Fisher (Pekania pennanti) distribution in riparian forest patches of northeastern North Dakota: habitat plasticity or a short-term aberration?

Posted on Nov 30, 2020


by Maggie D. TRISKA, Steven L. LOUGHRY, and Thomas L. SERFASS
CWBM 9 (2): 68-80.

Correspondence: Maggie D. Triska, Round River Conservation Studies, 104 East Main Street, Bozeman, Montana, 59718, USA.



Fishers (Pekania pennanti) are a forest carnivore that was widely distributed throughout Canada and the northern United States of America. However, their populations were greatly reduced during the 19th and 20th centuries following habitat loss and unregulated trapping. Studies that established fisher habitat associations with dense forest and undergrowth connected to old-growth forest were completed on these remnant populations, contributing to generalized habitat paradigms that are potentially biased because they are based on habitat conditions within the range occupied by the remnant populations and not the totality of conditions within the historic range of the fisher. More recently, fisher populations have begun expanding naturally and through reintroduction efforts. Although these populations persist within the historic range of the fisher, they often occupy habitats that do not appear to fit accepted habitat paradigms for the species (e.g., occurrence in deciduous and/or patchy forests). Our study focused on a fisher population in North Dakota (ND) occupying forested, riparian patches, and presumed to have initially colonized the northeastern region of the state since 1999. We summarized verified fisher sightings collected by the North Dakota Game and Fish Department from 1999 through 2019 to assess fisher distribution over time. During the summer of 2009, we used remote cameras placed in riparian-forest patches distributed throughout northeastern ND to compare aspects of size and spatial distribution among forested patches where fishers were and were not detected. Based on existing habitat paradigms, we hypothesized fishers occupying the area would occur most frequently in larger, more proximate forest patches of the riparian forest. However, neither forest patch size nor proximity contributed to explaining the patterns of fisher detections. Furthermore, we evaluated latency to detection (as the number of days until detection) and determined that fishers were detected quicker in small patches (1-50 ha) than medium (>50-250 ha) and large (>250 ha) forest patches, an outcome implying that fishers are more likely to encounter a camera in a small patch than larger patches leading to fewer days until detection. The lack of support for our hypothesis that fisher habitat associations would reflect historic paradigms provides evidence for fisher habitat plasticity and their potential ability to expand and persist in habitats not reflected by historic habitat paradigms.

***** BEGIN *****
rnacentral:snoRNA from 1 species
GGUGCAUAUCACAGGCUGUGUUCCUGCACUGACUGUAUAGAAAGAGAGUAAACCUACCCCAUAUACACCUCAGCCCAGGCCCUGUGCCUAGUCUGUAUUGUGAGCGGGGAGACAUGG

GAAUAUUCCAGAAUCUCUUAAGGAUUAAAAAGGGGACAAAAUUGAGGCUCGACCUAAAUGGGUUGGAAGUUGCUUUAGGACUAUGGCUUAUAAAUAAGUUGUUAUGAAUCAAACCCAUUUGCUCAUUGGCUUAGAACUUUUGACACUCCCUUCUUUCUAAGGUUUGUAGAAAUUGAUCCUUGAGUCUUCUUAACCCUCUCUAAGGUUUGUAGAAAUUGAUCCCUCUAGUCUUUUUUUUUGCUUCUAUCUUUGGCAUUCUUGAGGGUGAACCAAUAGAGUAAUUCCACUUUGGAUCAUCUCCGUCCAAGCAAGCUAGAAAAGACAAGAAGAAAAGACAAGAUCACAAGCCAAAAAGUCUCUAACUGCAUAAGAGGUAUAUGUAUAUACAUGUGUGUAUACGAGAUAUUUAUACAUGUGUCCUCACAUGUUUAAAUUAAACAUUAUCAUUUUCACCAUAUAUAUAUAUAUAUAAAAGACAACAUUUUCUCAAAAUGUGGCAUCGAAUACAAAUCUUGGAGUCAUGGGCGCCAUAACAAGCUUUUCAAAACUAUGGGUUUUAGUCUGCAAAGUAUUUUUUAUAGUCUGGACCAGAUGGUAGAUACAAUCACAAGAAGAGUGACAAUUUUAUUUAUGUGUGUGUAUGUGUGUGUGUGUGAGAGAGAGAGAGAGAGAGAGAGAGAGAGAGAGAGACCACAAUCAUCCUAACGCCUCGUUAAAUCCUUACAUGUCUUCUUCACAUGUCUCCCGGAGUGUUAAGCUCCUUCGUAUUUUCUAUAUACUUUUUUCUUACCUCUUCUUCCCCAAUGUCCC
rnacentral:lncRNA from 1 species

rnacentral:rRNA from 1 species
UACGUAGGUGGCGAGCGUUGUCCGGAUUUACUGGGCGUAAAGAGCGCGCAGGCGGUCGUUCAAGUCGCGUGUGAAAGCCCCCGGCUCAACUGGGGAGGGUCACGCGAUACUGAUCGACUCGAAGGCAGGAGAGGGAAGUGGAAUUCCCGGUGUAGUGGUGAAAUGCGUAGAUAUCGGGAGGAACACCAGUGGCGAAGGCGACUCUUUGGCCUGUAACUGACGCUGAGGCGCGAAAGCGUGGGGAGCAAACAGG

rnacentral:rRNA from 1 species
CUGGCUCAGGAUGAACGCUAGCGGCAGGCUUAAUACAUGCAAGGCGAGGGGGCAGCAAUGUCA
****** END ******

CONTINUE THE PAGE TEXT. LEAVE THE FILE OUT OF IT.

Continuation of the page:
Key Words: Fisher, Habitat Associations, Habitat Paradigms, Linear Forest, Mustelidae, Natural Recolonization, North Dakota, Pekania pennanti.

3 - Triska et al


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